5. Remember that LA’s are generalists…any experience you have may someday be applicable to a design project. I’ve done everything from pump gas to selling clothes, to fast food, etc. ad naseum (sp?). All of these experiences have paid dividends. Imagine how much more valuable you can be to, let’s say designing a shopping center. if you have had experience in the back of house operations of a regional mall, you will have valuable insight that can benefit your client. I market my experience as a dealer to casino clients, letting them know I’ve “been there”, if you will.
    6. Lastly, the number of folks retiring is 5 times greater than young professionals coming in. Notice all the senior positions opening up everywhere?! Those jobs have to get filled and that means openings at the firms they leave. recently, there has been an increase in the number of times one sees or hears about data indicating that LA’s are now the highest pais design profession, on average, and that the promise of the profession remains great.

    So, stand by! Your opportunity is out there wating for you to trip over it.
    Thanks for reading my long winded diatribe…but, I just had to let everyone know it does get better.

    By the way, about being humble…there was more than one occasion that my delivery job put me in the offices of competitors. I kept my shades on and hoped for the best. No doubt I was recognized at some point. The thing is, I can now look back at those experiences and draw real satisfaction that I hung on.

    Good Luck.

    Mark Sanford

    I graduated last may, with decent grades. Could not find anything in a Design firm, so I started looking other places , landscape contractors, maintentance companies. Six months later I found some luck!

    My main duties are estimating and budgeting, but i do get to do small designs for residential projects! Hopefully the job will stay strong.

    The fault in this job is that there is no LA on staff, so This experience is kind of a LEARN ON your OWN situation. I was able to locate a kind of “MENTOR” who is helping me, but you need to work under an RLA, for CLARB and the LARE!

    Just wanted to share my story, good luck to everyone.


    I will be finishing school very uneventfully this summer. I left my job here in town to have more time to manage school work so I can graduate, now I’m wondering if I should have just stuck out another semester and kept the job as it may not be there as I had planned when I finish here. I think in the long run it’s still best for many students to focus on what they can do today to make themselves more useful in their first jobs. Some friends in the studio here just went to LA Bash and heard Michael Van Valkenburgh speak. They were surprised to hear him say something to the effect of “…learn to operate a skid steer…” I think that would have made everyone laugh 5 years ago and maybe a few still did. Ironically, that’s exactly what I was doing five years ago, operating a skid steer, digging trenches, wiring timers and valves, and pushing rocks around. I remember going to lunch one afternoon in Boulder and overhearing some young people around my age discussing how “..they didn’t need to know how to plant a tree…they are landscape architects..” At the time I was shocked as I was working for a design-build and thought everyone who did landscape design MUST know how to plant trees and shovel rocks. I remember going back to the office and laughing about it with my boss, an LA, who I later realized had never planted a tree either…I did cad the rest of the summer…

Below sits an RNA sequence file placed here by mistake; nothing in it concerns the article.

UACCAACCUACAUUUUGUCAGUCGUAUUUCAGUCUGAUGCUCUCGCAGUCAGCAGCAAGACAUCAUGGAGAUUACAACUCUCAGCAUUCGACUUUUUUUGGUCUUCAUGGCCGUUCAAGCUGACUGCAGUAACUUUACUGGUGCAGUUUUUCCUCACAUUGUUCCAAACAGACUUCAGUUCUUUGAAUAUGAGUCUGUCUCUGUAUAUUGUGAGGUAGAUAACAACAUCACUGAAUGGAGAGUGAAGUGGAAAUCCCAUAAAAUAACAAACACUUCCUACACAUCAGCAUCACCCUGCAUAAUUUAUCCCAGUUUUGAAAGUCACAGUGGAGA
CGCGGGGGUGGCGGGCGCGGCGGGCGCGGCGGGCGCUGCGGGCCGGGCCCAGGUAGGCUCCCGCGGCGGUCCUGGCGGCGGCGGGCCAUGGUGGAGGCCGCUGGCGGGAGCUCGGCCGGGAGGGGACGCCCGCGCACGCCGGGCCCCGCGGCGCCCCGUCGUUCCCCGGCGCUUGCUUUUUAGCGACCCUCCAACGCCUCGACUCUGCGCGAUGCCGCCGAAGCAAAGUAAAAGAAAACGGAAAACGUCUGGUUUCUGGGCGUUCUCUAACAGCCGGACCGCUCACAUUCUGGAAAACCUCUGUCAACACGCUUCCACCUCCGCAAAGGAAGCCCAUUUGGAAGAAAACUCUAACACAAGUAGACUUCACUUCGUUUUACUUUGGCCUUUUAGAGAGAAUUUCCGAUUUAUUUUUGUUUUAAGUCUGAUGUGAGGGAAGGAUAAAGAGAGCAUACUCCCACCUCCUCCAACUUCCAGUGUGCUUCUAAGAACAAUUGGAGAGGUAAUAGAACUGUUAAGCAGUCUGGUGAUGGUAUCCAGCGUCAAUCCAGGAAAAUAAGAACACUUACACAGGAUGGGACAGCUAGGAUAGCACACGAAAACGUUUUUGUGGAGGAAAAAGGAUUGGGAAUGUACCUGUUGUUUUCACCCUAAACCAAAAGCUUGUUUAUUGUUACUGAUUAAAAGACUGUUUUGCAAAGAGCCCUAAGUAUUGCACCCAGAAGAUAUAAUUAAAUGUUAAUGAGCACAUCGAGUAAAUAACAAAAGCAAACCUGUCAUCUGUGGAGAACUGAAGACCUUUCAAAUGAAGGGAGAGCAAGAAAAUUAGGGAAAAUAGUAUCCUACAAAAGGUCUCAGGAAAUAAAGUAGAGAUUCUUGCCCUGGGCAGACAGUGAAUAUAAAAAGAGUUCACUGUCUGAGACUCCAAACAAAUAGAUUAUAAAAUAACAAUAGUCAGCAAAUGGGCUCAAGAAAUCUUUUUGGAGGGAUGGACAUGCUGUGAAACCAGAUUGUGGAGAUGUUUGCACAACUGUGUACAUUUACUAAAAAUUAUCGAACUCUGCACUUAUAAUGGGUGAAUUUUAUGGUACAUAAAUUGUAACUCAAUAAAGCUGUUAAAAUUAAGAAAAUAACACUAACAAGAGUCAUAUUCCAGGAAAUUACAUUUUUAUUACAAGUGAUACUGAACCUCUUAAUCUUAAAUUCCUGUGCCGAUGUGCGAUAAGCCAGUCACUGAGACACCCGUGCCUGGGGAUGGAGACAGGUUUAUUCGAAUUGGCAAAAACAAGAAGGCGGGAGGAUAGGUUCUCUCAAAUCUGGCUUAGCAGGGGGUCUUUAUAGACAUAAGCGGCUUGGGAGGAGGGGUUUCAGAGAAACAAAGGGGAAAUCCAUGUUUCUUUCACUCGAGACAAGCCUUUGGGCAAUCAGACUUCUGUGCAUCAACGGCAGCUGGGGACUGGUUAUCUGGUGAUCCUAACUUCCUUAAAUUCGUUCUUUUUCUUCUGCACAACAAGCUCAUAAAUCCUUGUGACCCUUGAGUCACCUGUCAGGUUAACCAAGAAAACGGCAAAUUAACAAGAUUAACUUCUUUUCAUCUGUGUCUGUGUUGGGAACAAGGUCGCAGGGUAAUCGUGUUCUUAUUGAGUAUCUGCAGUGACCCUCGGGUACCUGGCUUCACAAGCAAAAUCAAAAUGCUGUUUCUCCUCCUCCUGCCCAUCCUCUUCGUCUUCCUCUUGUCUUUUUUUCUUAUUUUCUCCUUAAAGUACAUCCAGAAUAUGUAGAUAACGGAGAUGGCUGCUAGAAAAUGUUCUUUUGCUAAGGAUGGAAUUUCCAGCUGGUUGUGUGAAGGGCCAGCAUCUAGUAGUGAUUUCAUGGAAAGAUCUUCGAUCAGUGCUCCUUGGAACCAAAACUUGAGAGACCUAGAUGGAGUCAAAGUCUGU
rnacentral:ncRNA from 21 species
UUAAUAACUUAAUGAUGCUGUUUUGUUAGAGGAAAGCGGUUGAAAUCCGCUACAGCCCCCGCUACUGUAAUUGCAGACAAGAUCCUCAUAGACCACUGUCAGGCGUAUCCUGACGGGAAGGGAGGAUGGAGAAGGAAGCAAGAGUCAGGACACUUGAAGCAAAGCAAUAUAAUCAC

It’s ironic to me now that these are the things I am hearing. Suddenly, students who scoffed at the thought of backyard landscape design or manual labor are suddenly rushing to get experience on a bobcat. It’s ironic because now I wonder if I would have had a better shot at a job at MVVA’s office if I kept shoveling rocks somewhere…my hands are weak, my skin is pasty, I’m broke, and I’ve developed a sleep disorder. I think there are probably hundreds of students in a similar position. It makes me try to remember exactly why I took this path as I know Andrew remembers how hard of a decsision this was for me five years ago. I remember liking drawing and coloring, even though I wasn’t the “greatest” and I remember loving learning how to build things and setting boulders with a crane service and being able to spin 3 ton rocks around with a single finger. Maybe these are the things some of us should try harder to get back to..

    Roland Beinert

    Sometime this month I’ll start a job as a mow crew leader for a landscape maintenance company. It has nothing to do with design, so I’m still looking around for something else, but I’ll take what I can get for now.
    At this point my goal is to go back to school when I’ve saved enough. There’s a lot of computer programs that became popular right after I graduated, like sketchup. I’d like to learn them in an environment where I have someone looking over my shoulder. I also remember enjoying GIS work in college, and would like to relearn that. Tuition is actually fairly low as long I stay in Idaho where I have residency.